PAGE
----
Despite not expecting that much from the patriarchy, I keep expecting more from religion. Admittedly, I know very little about the Church of England apart from what I just searched on the internet. But I do know that it is Episcopalian. I have an English background and my forward thinking feminist mother thumbed her nose at this religion when she left, burned her bibles and became a card carrying atheist.

I expect lots of people will be leaving the Church of England after this announcement.

So, my first Buddhist prayer is for the children of people who stay in this religion, who come out (because you never know) and in some way internalize the message that they are less than. And sadly, these children may internalize self hatred in ways that cause harm to harm themselves. In the past, plenty of LGBTQ youth have taken their own lives.  But we live in a different world now and my hope is that being in that world helps these young people.

My second Buddhist prayer is for the people who stay in the church.  It is a Buddhist philosophy that the person who hurts others, hurts himself or herself. My hope is that the people who stay in this religion can change it so that it is not oppressive to others and to themselves.

My third Buddhist prayer is for the institution of this religion. This is a hard prayer because it’s easy to be angry and to say the Church of England deserves what it has coming. So it’s time for me to step back and to truly have compassion for the institution.

Like the government, religion is meant to serve the people (not the opposite). Religion is not meant to serve institutions — including churches and seminary schools. When religion does not serve people they are free to leave and form community elsewhere. This is why so many churches have gone out of business. So my hope for the religious institutions is that they understand this before it is too late.

I came to religion later in life. When I look back on my religious journey on the past five years or so,  I realize that I have been searching for the answer of what exactly religion is. This morning, with the help of the new minister — a smart young man who is a real natural — I realized the answer. Religion is designed for us to realize that everyone is sacred. This includes LGBTQ people, our families and our allies.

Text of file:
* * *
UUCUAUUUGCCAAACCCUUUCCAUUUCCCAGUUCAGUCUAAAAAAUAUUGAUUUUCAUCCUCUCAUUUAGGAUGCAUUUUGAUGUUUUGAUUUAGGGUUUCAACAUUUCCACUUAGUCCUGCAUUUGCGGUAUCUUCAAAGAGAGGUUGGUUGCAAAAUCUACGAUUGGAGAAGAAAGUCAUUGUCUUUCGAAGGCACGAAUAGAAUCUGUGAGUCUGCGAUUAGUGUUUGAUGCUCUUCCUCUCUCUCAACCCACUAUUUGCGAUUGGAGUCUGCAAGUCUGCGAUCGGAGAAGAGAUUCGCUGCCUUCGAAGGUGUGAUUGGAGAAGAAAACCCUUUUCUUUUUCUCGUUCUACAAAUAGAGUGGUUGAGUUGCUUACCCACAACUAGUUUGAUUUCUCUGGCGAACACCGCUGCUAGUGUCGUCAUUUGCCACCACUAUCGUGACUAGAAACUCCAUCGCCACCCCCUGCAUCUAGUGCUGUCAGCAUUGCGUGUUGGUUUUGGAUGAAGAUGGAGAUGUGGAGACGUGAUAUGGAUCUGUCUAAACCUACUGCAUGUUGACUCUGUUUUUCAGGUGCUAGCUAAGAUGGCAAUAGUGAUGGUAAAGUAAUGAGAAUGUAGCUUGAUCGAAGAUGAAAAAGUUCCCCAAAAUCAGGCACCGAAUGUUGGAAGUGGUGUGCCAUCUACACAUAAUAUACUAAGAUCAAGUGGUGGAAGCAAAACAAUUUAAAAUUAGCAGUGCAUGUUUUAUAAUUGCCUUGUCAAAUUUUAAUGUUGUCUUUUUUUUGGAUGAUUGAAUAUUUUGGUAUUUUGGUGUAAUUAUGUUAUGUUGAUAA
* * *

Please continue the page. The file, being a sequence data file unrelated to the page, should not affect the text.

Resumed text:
DCA0522F-70DE-4A90-9802-D500AEF27DFAReligion is captured spirituality and it is available to everyone.  So on my walk this afternoon, I thought and felt the words of Native American poet — and the U.S. poet laureate—

 

 

 

To pray, you open your whole self

To sky, to earth, to sun, to moon,

To one whole voice that is you.

…. “Eagle Poem” by Joy Harjo

 

To learn more about my novel THEY, a biblical tale of secret genders (published by Adelaide Books New York/Lisbon), click here.

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This piece is airing worldwide this week on This Way Out (TWO), the syndicated LGBT radio show.  Click here to listen to the entire show.

(TWO is the first international LGBTQ radio news magazine.)

When I began reading Have You Seen This Man? The Castro Poems of Karl Tierney (2019 Sibling Rivalry Press), I thought the poems of Karl Tierney might be tragic, but instead found them tragically funny – in a way that often makes the soul snicker. I thought the poetry might be tragic because they were brought to us by tragic circumstances.  The editor was friend and literary executor of the author Karl Tierney who in 1994 became sick with AIDs and took his own life in 1995 when he was 39-years old.  The editor, Jim Cory, is a noted poet and essayist in his own right.

Tierney never had a book published during his lifetime, but his poems were published in auspicious places such as the American Poetry Review and Exquisite Corpse.

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Karl Tierney as a poet also had his serious side. In the poem “Gertrude Stein to Alice B. Toklas,” he adopts Gertrude’s voice and writes in part of the poem:

 

Our car is …beautiful and blue

and we are beautiful and not blue

and we are fast driving

and do not feel a bit dangerous or dirty.

We have the radio on…

 

In his poems about gay life in San Francisco where he lived, Karl turned his keen poetic observations on life around him.  In “Adonis At The Swimming Pool,” Karl starts with:

“Who dances his thighs across the pool’s water,

spread on a mattress bloated from his breath.

Whose ripe-with-sun skin cuts through the spray

With the alingual grace of a kiss to my brow.”….

And ends with:

“Whose wet curls stroke the evening’s earliest gasp

into naughty tones and murmurs of lust.

Who would have me discussed in seedy cafés

and ruin me since I’m deaf to this hiss

behind the teeth in that insipid smile.”

From Tierney’s take on “lipstick lesbians,” MacDonna, and gay life in the Castro at a certain point in time, I found Have You Seen This Man? The Castro Poems of Karl Tierney (from Sibling Rivalry Press) to be a page-turner of a good read.

 

 

To learn more about my novel THEY, a biblical tale of secret genders (published by Adelaide Books New York/Lisbon), click here.